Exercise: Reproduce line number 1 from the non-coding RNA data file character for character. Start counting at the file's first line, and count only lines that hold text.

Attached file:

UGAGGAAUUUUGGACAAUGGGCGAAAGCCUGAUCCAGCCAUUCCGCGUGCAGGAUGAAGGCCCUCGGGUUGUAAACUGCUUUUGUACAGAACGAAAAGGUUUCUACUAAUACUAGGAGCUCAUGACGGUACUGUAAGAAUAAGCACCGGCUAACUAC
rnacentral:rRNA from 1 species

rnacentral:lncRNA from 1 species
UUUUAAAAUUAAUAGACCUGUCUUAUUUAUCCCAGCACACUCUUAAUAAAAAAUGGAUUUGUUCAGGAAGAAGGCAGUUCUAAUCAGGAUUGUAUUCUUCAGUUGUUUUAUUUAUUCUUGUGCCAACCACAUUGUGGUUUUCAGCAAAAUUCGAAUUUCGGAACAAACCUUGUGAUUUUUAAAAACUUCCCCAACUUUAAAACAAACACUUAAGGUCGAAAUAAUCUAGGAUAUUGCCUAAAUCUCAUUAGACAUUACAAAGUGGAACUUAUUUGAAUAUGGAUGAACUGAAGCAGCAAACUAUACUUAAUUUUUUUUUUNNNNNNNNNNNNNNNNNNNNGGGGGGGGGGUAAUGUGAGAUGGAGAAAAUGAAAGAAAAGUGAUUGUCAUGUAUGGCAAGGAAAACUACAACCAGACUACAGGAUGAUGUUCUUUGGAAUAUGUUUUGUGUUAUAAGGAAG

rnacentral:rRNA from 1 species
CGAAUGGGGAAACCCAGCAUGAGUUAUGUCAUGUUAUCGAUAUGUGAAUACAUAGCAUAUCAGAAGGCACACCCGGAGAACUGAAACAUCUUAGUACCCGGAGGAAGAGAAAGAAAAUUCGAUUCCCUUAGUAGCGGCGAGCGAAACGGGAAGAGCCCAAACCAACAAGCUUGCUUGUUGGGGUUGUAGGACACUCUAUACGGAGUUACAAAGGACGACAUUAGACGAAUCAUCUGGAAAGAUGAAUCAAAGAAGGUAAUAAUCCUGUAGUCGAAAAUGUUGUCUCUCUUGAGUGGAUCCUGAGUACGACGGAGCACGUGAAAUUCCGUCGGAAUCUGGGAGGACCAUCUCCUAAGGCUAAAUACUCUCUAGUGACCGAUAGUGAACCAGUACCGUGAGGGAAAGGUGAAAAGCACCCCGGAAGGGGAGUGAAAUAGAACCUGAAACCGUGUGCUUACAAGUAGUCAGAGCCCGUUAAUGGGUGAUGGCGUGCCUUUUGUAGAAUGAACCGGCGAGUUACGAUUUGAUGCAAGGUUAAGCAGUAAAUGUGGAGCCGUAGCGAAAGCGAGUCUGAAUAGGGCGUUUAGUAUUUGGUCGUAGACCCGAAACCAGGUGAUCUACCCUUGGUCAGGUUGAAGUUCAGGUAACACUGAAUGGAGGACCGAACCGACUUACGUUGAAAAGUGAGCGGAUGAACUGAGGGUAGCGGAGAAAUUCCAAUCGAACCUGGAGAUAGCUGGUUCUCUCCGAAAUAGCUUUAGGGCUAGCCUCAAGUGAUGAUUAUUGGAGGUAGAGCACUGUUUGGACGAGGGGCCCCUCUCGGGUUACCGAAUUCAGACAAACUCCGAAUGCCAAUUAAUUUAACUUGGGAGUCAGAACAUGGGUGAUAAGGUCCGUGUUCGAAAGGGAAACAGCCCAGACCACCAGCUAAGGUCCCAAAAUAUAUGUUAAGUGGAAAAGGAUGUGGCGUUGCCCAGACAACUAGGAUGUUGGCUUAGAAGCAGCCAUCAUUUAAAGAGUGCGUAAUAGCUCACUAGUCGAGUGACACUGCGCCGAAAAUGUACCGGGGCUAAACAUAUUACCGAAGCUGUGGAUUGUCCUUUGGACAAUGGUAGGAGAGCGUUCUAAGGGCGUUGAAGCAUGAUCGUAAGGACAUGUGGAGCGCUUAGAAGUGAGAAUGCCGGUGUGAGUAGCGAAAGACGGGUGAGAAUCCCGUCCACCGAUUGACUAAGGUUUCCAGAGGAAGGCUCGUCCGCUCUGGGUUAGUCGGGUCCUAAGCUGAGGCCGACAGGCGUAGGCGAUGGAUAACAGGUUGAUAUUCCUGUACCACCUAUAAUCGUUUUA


UGAGGAAUUUUGGACAAUGGGCGAAAGCCUGAUCCAGCCAUUCCGCGUGCAGGAUGAAGGCCCUCGGGUUGUAAACUGCUUUUGUACAGAACGAAAAGGUUUCUACUAAUACUAGGAGCUCAUGACGGUACUGUAAGAAUAAGCACCGGCUAACUAC